Air. Watt dealt still more vigorously with the situation, and declared that National Government, as it had hitherto been known in Australia, was dead, and control had passed into the hands of the Labour Conference. “ The great ancestral institutions which we took from the Motherland and reared with such care,” said Mr. Watt, “ have been crippled and thrown out of use, and in their place has risen a hostile organization which rules the statute-book and all the proceedings of Parliament. Mr. Fisher declares that he is a free agent, but his freedom and that of his colleagues is only that of the tethered goat.”-
That is the kind of language which one can expect to hear from a distinguished gentleman who, a few years ago, was horsewhipped - a distinguished gentleman who ran away from his electorate because he was not game to face his electors. It came with a very bad grace from a gentleman like Mr. Watt to refer to the great Labour party in such terms. I tell him that the members of that party are no more like tethered goats than he is. At the present time he more resembles a tethered goat than anything else I know of. I have read these extracts to show that these gentlemen, while they talk about burying the hatchet, tell the people that this is no time to raise political issues. These two gentlemen went out and led the van in stirring up political hatred, if it is possible to do so, amongst the people of Australia.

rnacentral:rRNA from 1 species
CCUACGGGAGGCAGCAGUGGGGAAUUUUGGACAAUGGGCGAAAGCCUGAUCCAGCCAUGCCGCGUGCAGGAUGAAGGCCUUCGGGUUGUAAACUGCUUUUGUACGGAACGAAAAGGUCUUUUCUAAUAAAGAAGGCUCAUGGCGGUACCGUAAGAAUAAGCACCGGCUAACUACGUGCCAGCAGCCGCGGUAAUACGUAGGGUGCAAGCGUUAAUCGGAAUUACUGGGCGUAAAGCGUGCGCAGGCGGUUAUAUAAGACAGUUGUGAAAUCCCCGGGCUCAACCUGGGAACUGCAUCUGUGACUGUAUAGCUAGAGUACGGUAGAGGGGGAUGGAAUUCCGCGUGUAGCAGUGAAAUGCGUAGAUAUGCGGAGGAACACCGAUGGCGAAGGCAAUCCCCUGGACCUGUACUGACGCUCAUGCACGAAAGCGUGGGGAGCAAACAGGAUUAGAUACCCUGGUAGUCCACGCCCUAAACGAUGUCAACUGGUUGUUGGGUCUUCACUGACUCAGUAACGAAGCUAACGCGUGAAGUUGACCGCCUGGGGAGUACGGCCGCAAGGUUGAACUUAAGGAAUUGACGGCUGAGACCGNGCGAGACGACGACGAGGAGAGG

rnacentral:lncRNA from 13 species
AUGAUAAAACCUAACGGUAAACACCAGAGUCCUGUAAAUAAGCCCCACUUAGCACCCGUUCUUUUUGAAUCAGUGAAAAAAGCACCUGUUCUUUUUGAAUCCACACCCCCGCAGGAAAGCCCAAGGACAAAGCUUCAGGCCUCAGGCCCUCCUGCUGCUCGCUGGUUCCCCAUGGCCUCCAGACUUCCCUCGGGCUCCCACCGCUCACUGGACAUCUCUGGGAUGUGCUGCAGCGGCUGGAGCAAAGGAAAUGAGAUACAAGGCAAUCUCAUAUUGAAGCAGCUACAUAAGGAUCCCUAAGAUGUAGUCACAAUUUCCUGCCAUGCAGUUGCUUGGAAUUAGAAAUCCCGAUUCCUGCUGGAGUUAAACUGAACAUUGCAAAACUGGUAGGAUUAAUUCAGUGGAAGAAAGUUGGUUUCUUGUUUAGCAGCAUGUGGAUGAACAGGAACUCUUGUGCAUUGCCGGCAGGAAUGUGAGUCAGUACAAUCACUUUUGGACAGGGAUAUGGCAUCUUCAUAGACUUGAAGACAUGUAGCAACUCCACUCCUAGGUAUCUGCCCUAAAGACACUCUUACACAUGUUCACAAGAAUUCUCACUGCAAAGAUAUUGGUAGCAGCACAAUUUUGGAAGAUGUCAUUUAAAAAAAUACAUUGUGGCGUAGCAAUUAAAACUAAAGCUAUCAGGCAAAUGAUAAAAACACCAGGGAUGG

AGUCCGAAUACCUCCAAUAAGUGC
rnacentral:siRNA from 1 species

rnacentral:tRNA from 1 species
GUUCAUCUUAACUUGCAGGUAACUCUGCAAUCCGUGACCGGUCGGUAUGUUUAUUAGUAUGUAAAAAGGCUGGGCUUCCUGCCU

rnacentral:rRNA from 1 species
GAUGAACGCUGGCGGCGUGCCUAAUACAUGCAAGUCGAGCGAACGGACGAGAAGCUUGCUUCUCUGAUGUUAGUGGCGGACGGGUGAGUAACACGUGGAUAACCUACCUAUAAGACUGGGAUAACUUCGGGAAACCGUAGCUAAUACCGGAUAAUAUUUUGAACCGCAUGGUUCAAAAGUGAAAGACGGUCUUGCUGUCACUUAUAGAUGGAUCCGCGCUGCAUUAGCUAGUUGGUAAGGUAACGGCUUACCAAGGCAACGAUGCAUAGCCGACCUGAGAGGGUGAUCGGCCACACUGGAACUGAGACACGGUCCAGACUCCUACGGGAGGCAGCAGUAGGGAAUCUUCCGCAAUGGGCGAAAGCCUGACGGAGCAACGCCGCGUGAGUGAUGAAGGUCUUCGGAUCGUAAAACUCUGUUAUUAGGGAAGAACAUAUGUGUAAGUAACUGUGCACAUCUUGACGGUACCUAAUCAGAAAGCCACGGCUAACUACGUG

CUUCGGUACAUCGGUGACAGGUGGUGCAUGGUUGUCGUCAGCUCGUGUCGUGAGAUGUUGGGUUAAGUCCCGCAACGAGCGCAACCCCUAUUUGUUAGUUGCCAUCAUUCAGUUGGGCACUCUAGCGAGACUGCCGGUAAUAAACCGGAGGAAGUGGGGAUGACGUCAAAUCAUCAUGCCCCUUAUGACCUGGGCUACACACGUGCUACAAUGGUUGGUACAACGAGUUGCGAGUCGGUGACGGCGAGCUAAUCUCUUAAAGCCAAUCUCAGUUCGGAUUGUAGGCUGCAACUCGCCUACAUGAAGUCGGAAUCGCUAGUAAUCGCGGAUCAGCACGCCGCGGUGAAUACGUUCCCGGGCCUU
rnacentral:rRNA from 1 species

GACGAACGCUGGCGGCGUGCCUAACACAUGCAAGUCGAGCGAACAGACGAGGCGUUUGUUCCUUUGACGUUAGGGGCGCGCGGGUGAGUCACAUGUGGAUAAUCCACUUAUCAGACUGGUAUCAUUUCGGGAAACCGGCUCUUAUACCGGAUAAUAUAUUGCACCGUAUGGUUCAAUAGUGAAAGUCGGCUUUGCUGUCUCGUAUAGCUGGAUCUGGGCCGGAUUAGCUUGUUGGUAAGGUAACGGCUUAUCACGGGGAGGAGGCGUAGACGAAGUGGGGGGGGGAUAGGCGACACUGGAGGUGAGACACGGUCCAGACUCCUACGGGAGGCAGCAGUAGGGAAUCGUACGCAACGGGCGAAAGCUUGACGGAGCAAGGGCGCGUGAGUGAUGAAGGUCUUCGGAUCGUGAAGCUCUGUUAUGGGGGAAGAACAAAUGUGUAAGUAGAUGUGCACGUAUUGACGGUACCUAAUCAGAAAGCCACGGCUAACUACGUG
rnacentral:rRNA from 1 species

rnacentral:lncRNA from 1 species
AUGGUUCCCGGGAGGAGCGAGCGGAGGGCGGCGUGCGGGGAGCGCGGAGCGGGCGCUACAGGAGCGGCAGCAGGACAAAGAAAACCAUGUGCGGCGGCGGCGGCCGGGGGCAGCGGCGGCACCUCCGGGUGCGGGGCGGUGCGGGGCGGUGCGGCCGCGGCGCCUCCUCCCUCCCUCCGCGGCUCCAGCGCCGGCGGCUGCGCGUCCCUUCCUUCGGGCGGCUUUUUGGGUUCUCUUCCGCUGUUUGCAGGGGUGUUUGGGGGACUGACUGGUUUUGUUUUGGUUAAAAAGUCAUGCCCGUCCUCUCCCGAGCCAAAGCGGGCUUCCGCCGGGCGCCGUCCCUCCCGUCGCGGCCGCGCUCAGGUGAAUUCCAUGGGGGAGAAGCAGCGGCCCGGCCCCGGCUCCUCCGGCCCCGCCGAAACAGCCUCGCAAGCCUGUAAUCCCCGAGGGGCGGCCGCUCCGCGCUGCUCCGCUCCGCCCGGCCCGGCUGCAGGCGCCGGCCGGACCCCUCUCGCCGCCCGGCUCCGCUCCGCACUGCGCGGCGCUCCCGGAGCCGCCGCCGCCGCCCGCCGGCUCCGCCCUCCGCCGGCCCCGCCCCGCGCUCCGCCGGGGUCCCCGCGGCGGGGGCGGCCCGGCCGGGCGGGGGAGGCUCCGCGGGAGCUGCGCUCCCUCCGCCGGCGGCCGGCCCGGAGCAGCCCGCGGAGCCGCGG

– How came it that when Mr. Watt had such antipathy to the Leader of the Labour party, he had to go to that gentleman to get him - out of his trouble ?
– It is a way which the Liberal party have in politics. After having said the worst they can con.cerning political opponents, they turn round and ask favours of them. The sentiments expressed by Sir John Forrest and Mr. Watt were applauded by the ladies present at the meeting, and I believe that the petition presented to-day asks us to call a political halt, and not to go on with the referenda proposals, because to do so would be to stir up political strife. They themselves are showing the way in stirring up strife at a time when, at any rate, theY should “be perfectly silent, that is, while the recruiting campaign is proceeding. We are not singular in Australia in having a political campaign during war time. We are not the only country that has gone through that experience. Italy had an election just before she entered the war, and I believe that, as the result of that election, Italy came into the conflict. We know that the people of Italy did not take the advice which Mr. Cook now tenders to the Government of this country, but -that, on the contrary, they changed horses whilst crossing the stream, with the result that to-day we have Italy as an ally in this great war.